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The Iowa coach disputes the former ESPN announcer's disgust with C.J. Beathard being left in the Outback Bowl despite a hamstring injury. Chad Leistikow/The Register

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Iowa football coach Kirk Ferentz responded Tuesday to retired ESPN college football analyst Ed Cunningham's blistering critiques of the Hawkeyes' coaching staff for continuing to play former quarterback C.J. Beathard in the Outback Bowl last season.

"C,J. Beathard’s career I think at Iowa was just defined by toughness, mental toughness," Ferentz said when asked about Cunningham's statements near the end of his weekly news conference.

"Couple that with an outstanding medical staff that we have here. Our medical people aren’t going to let a player be out there at risk where he could really do harm. That’s just how it goes. They’ve got final say. They always have, always will."

Cunningham said in a New York Times article and again on ESPN radio last week that Ferentz's handling of Beathard late in the Outback Bowl loss was "the final straw" in his decision to walk away from his TV job. Beathard was hobbled by a hamstring injury but played until late in the fourth quarter of a 30-3 loss to Florida.

"C.J. was clearly not at full strength, but he wasn’t in '15 either and played pretty well," Ferentz said Tuesday. "And I listen to players, too. C.J. wanted to be out there. So that was my decision. You can second-guess it. Ed chose to. That’s his prerogative, certainly. But I found it a little bit offensive, quite frankly, because he was not at risk medically.

"That’s his opinion. That’s mine. I just stated mine.”

Moments after Ferentz spoke, the university issued a news release with his official response to Cunningham's accusations. It read:

“As a seasoned head football coach and the father of three sons who have played collegiate football, the health and safety of our student-athletes is a top priority of the Hawkeye Football program. We have a strong relationship with the medical staff and medical experts at the University of Iowa. Each player is fully evaluated, and all established protocols are followed prior to the decision to play and during the game.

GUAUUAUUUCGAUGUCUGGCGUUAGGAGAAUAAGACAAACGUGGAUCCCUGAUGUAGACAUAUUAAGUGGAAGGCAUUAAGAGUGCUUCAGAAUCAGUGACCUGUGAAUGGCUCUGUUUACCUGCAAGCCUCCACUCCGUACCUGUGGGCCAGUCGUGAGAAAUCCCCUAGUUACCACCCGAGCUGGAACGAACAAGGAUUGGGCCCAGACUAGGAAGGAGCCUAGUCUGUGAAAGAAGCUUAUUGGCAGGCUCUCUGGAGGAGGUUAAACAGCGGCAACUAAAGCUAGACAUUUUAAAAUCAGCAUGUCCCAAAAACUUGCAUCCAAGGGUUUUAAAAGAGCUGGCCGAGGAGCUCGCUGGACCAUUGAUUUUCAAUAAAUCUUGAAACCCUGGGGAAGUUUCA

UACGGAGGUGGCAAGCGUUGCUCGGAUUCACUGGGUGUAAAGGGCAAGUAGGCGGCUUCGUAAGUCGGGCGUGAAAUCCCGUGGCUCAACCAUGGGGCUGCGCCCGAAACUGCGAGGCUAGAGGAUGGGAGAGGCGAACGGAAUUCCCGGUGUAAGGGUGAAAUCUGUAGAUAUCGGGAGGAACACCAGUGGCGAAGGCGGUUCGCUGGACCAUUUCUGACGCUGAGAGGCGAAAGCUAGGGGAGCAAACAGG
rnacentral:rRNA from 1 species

"Comments made by a retiring sports broadcaster about the coaching staff subjecting a player to possible long-term health related issues because we allowed him to play in the Outback Bowl were surprising and offensive to our coaching staff, the player and his parents. We do not allow a student-athlete to play unless he is medically cleared — that is my commitment to our players and their parents.”

The school also provided a comment from Beathard's father, Casey, who also talked with the Register last Friday

“The coaching and medical staff at Iowa were always very thorough and diligent in addressing any injury situations, and shared all medical information with C.J. and us, as parents. We had absolute confidence in Coach Ferentz, his coaching staff and the medical team to make player safety an uncompromising priority on game day, on the practice field and in the weight room.”

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The Iowa quarterback pulled his hamstring in the second quarter and played almost until the end of a 30-3 Outback Bowl loss to Florida.

Here's our Friday story following Cunningham's statements on ESPN radio that Iowa coaches "abused" Beathard, who now plays with the San Francisco 49ers:

Former ESPN broadcaster Ed Cunningham brought heat to the Hawkeye coaching staff once more Friday morning.

Cunningham, who revealed to The New York Times in a story Wednesday that Iowa football's handling of ex-quarterback C.J. Beathard during the Outback Bowl drove him to quit —  joined Mike Greenberg and Mike Golic early Friday on ESPN's "Mike and Mike" radio show (heard on KRNT-AM in Des Moines). He said Beathard "took a pounding" against a "superior opponent" in the Gators during the Outback Bowl in January.

He called the whole situation "sickening." 

Beathard — now with the San Francisco 49ers — was hobbled after taking a series of hard tackles. He suffered a pulled hamstring but remained on the field until the final three minutes of the Hawkeyes' 30-3 loss.

Cunningham said he almost went on a mini-rant during the broadcast.

"It's not that I kind of felt bad for C.J. Beathard," Cunningham said on the show, "I wanted to go get in a fist fight with the coaches over it because they abused that kid, flat-out."

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He added that seeing it all happen right in front of him was hard.

"That bowl game with C.J Beathard ... if I was his dad, I probably would have gone down at halftime and pulled the head coach out and said, 'Dude, you've got to not play my son. You can't do this to him. He's hurt.'

"And you can't do that as a color analyst."

Beathard's father, Casey Beathard, responded to Hawkeye columnist Chad Leistikow about Cunningham's comments:

"That's tough," Casey Beathard wrote. "CJ is great (at) convincing coaches he can go. I don't (and) he will never fault those coaches or any other coach for possible dangerous situations. I bet it has never crossed his mind.

"He's THAT kind of competitor. I guess the coaches trusted him too much. It's all good."

 “The coaching and medical staff at Iowa were always very thorough and diligent in addressing any injury situations, and shared all medical information with C.J. and us, as parents. We had absolute confidence in Coach Ferentz, his coaching staff and the medical team to make player safety an uncompromising priority on game day, on the practice field and in the weight room.”



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